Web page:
As St. Thomas Aquinas said, quoting St. Ambrose, “all profound truth, no matter where it is found, has the Holy Spirit for its author.”
Again, St Justin stated: “God is the Word of whom the whole human race are partakers....” and (Meister) Eckhart spoke of an ancient sage in the following terms: “Our most ancient philosophers found the truth long, long before...ever there was a Christian faith at all as it is now.”
Thomas of Villenova taught.... “Our religion is from the beginning of the world....if you saw Abraham, and Moses, and David alongside Peter and Andrew and Augustine and Jerome, you would observe, in all essential things, a perfect identity.”
There's a profound principle in these words of great Christians, one that can allow a level of proximity (instead of exclusivity) between different faiths even if they hold doctrinal differences. When Jesus says “No one approaches the Father but through me”, he refers to those whose hearts are on his path, whose beings have a resonant identity with his, whose spirits are congruent with his - they are the ones who approach God through Jesus, even if they have never seen or heard Jesus. They cultivate an essential identity which connects and accords with the spirit and truth of his teachings though they may know little or nothing about Jesus himself. It is a person's inner reality (and the actions which spring from it) that is the deciding factor. Those whose tongues speak doctrinal words but whose inner reality is far from Jesus' are a different case:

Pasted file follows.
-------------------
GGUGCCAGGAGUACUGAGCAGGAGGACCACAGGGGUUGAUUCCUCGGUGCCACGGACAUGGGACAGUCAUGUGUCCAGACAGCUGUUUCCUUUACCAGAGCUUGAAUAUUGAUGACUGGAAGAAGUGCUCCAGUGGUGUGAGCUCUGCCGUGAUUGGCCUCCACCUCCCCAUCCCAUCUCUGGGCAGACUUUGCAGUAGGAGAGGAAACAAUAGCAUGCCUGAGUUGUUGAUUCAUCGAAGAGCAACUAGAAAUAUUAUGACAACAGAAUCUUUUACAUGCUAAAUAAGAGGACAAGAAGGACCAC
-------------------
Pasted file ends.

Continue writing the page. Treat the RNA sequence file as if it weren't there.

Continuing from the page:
“Not every one that saith unto me, Lord, Lord, shall enter into the kingdom of heaven; but he that doeth the will of my Father which is in heaven.... And every one that heareth these sayings, and doeth them not, shall be likened unto a foolish man, which built his house upon the sand.” (Matthew 7:22-27)
Jesus “took two handfuls of earth and said, ‘Which of these is the best? People are created from earth, so the most honorable among them is the most virtuous and God-conscious.’ ” (Mqjmu'ah al-Akhbar fi Nafa'is al-Athar, 106)